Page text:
Pet Fox

Even in its moodiest, most downbeat moments there’s a spark of energy that bursts out of A Face In Your Life, the new album from Pet Fox. Where past efforts played around with after-the-fact layering of instrumentation, the band’s third full-length comes alive in the moment. Tracked live in one room, the ten songs that unravel across the album capture Theo Hartlett (Guitar/Vocals), Morgan Luzzi (Bass), and Jesse Weiss (Drums) in their rawest, most immediate form.

While the idea of getting in a room together and bashing out ideas until an album emerges is a story as old as time, Pet Fox thrive in such an environment, leaning into the method with an exuberance that shapes their latest effort into something brilliantly dynamic and endearing. “We maintained the same method as we have in the past, which is to get in a room together and jam.,” the band explains. “While this may sound incredibly simplified, we really do just get together and play off of each others’ ideas, whether they were preconceived or pieced together in the moment.” The first Pet Fox record to not be self-produced, A Face In Your Life was made with Ethan Dussault at New Alliance Audio in Somerville, MA, and mixed by Seth Engel (Ratboys, NNAMDÏ, Mister Goblin).

Touching upon notions of anxiety and self-doubt, A Face In Your Life travails the depths of these themes while also offering little snippets of hope and guidance along the way. Indeed, the album’s sprawling opening track ‘Settle Even’ is billed as a self-help pamphlet, a reminder to the band themselves and those listening that there will always be people in the world looking out for us, even when that feels like an impossible feat.

Musically, A Face In Your Life flourishes in the hazy margins of rock music, traditional song structures are supported by elaborate instrumentation that never loses its grip or sight on the melodic undercurrent that makes the whole thing so compelling. The band cite early Weezer and Autolux as reference points but also rabid label mates Mister Goblin and the lesser-known Durham, NC, trio Hammer No More the Fingers who greatly inspired Pet Fox’s latest work. “We’ve always been fascinated with how that band manages to sound so full as a three-piece, while also writing such awesome and original pop songs,” the band say of the latter.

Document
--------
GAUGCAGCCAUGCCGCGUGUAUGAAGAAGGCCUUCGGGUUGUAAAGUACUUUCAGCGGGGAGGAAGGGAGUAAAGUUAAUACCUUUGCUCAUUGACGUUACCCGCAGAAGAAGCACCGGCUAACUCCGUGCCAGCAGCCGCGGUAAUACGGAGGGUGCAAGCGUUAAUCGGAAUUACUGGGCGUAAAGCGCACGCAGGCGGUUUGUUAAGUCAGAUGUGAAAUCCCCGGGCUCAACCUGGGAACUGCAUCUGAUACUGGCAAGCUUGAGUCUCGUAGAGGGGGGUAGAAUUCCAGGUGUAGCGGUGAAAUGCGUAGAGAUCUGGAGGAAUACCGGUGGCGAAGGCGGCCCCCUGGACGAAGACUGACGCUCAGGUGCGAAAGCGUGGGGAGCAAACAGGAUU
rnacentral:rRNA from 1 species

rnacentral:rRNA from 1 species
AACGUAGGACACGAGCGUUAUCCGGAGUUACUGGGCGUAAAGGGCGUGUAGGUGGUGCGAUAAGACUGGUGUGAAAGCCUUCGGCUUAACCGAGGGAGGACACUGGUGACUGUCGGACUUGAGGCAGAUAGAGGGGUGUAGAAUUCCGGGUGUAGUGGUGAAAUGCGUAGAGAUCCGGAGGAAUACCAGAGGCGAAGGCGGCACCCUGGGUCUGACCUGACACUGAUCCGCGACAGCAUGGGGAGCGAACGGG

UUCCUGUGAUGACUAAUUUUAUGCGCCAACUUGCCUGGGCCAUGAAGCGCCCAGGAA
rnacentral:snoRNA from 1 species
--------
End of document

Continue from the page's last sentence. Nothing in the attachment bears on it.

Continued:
The album’s choppy and melodic groove is exemplified perfectly by lead track ‘Checked Out’, a spiky three minutes of punchy riffs and Hartlett’s weary-but-animated voice which here rallies against life in a capitalist society where people are willing to help out if there’s a benefit to themselves. “There are so many people that do not give a damn about you until they realize that you hold some sort of worth that is valuable or cool to them,” Pet Fox adds.

Elsewhere, ‘Only Warning’ offers an infectious dose of urgency, the incisive drums and big waves of guitar almost swallowing the track’s shadowy vocal that details the overpowering messiness of staying in a relationship when you know it’s bad for you, life becoming a whirlwind of fear of groggy angst. Then there’s ‘It Won’t Last’, a two-minute barrage that offers a glimpse into another side of the band’s output as the minimal vocals are pushed aside for the frenetic burst of instrumentation that surges forward.

An inspired collection of riffs that twists and turns into varying shapes throughout, Pet Fox never outstay their welcome in the half-an-hour of A Face In Your Life but do more than enough to make the kind of impression that leaves you wanting to journey back through the shadows, to unpick the little knots of the ideas they’re exploring here. It was brought to life by just three people in one room but it lends itself to something way beyond that; the never-ending search for coping mechanisms in the messiest of worlds.


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Pet Fox photo by Anna Stromer 2
IMAGES:
 To download, click above. Photo credit to Michael Cook (top), Anna Stromer (bottom)

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